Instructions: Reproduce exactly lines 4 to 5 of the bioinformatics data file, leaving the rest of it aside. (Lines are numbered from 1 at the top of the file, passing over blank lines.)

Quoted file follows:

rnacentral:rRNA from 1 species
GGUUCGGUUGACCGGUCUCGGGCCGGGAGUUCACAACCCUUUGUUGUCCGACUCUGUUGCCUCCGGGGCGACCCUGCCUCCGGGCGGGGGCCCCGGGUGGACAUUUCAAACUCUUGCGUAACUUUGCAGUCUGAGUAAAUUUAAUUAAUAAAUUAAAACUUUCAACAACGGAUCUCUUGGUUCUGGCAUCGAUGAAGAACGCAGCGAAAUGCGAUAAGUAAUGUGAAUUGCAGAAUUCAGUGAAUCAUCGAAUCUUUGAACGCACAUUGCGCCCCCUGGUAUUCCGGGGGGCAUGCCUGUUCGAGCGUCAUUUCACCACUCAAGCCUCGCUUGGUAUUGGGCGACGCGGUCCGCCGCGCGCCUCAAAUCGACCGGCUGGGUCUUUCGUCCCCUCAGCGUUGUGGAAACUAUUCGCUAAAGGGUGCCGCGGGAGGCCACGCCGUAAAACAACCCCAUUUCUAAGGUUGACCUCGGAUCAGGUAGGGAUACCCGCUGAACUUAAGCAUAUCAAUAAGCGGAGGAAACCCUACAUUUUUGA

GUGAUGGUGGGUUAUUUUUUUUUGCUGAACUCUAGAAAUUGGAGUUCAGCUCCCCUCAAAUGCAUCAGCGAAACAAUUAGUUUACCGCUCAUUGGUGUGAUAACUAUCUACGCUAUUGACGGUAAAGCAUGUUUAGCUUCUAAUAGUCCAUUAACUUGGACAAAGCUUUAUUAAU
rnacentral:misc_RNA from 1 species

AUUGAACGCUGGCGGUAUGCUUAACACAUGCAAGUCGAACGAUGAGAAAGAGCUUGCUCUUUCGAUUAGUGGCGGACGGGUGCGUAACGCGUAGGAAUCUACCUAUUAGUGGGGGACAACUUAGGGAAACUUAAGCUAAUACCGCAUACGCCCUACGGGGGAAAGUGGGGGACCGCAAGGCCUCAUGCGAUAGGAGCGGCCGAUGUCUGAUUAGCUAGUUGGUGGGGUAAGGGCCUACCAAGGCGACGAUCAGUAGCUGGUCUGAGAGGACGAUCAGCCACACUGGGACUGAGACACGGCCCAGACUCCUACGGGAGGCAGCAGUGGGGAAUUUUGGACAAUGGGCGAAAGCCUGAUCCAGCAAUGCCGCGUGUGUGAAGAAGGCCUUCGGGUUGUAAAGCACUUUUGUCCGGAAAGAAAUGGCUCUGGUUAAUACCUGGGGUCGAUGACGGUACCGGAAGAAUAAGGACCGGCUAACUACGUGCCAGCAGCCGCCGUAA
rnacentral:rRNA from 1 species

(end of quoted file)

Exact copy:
rnacentral:misc_RNA from 1 species

AUUGAACGCUGGCGGUAUGCUUAACACAUGCAAGUCGAACGAUGAGAAAGAGCUUGCUCUUUCGAUUAGUGGCGGACGGGUGCGUAACGCGUAGGAAUCUACCUAUUAGUGGGGGACAACUUAGGGAAACUUAAGCUAAUACCGCAUACGCCCUACGGGGGAAAGUGGGGGACCGCAAGGCCUCAUGCGAUAGGAGCGGCCGAUGUCUGAUUAGCUAGUUGGUGGGGUAAGGGCCUACCAAGGCGACGAUCAGUAGCUGGUCUGAGAGGACGAUCAGCCACACUGGGACUGAGACACGGCCCAGACUCCUACGGGAGGCAGCAGUGGGGAAUUUUGGACAAUGGGCGAAAGCCUGAUCCAGCAAUGCCGCGUGUGUGAAGAAGGCCUUCGGGUUGUAAAGCACUUUUGUCCGGAAAGAAAUGGCUCUGGUUAAUACCUGGGGUCGAUGACGGUACCGGAAGAAUAAGGACCGGCUAACUACGUGCCAGCAGCCGCCGUAA